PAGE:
In summary, adjusting journal entries are most commonly accruals, deferrals, and estimates. Accruals are revenues and expenses that have not been received or paid, respectively, and have not yet been recorded through a standard accounting transaction. Deferrals refer to revenues and expenses that have been received or paid in advance, respectively, and have been recorded, but have not yet been earned or used. Estimates are adjusting entries that record non-cash items, such as depreciation expense, allowance for doubtful accounts, or the inventory obsolescence reserve.

Not all journal entries recorded at the end of an accounting period are adjusting entries. For example, an entry to record a purchase of equipment on the last day of an accounting period is not an adjusting entry.

Example

Depreciation is a good example of a non-cash activity where expenses are matched with revenues. When a company purchases a vehicle, the car isn’t immediately expensed because it will be used over many accounting periods. Instead, it is capitalized and reported on the balance sheet.

The company will use this car to generate revenues in future periods. Thus, the cost and expense of this car should be recognized in future periods when the income is earned.

At the end of each accounting period, an adjusting entry is made to record the current year’s vehicle cost allocation by debiting depreciation expense and crediting accumulated depreciation. Without this adjustment, the current year’s income wouldn’t be matched against the current year’s expenses.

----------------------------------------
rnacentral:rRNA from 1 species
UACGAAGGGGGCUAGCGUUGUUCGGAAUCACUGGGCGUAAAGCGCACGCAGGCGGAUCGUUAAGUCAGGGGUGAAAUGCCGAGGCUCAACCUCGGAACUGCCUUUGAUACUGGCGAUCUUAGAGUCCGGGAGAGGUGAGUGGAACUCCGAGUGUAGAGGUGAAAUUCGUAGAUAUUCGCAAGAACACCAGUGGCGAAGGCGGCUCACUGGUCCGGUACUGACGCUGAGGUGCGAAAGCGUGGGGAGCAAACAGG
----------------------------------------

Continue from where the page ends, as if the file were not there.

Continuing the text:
The other adjusting entries are used to adjust asset and liability accounts to match revenues and expenses in the same way.

Why adjusting entries are needed

In order for a company’s financial statements to be complete and to reflect the accrual method of accounting, adjusting entries must be processed before the financial statements are issued. Here are three situations that describe why adjusting entries are needed:

Situation 1

Not all of a company’s financial transactions that pertain to an accounting period will have been processed by the accounting software as of the end of the accounting period. For example, the bill for the electricity used during December might not arrive until January 10. (The reason for the 10-day lag is that the electric utility reads the meters on January 1 in order to compute the electricity actually used in December. Next the utility has to prepare the bill and mail it to the company.)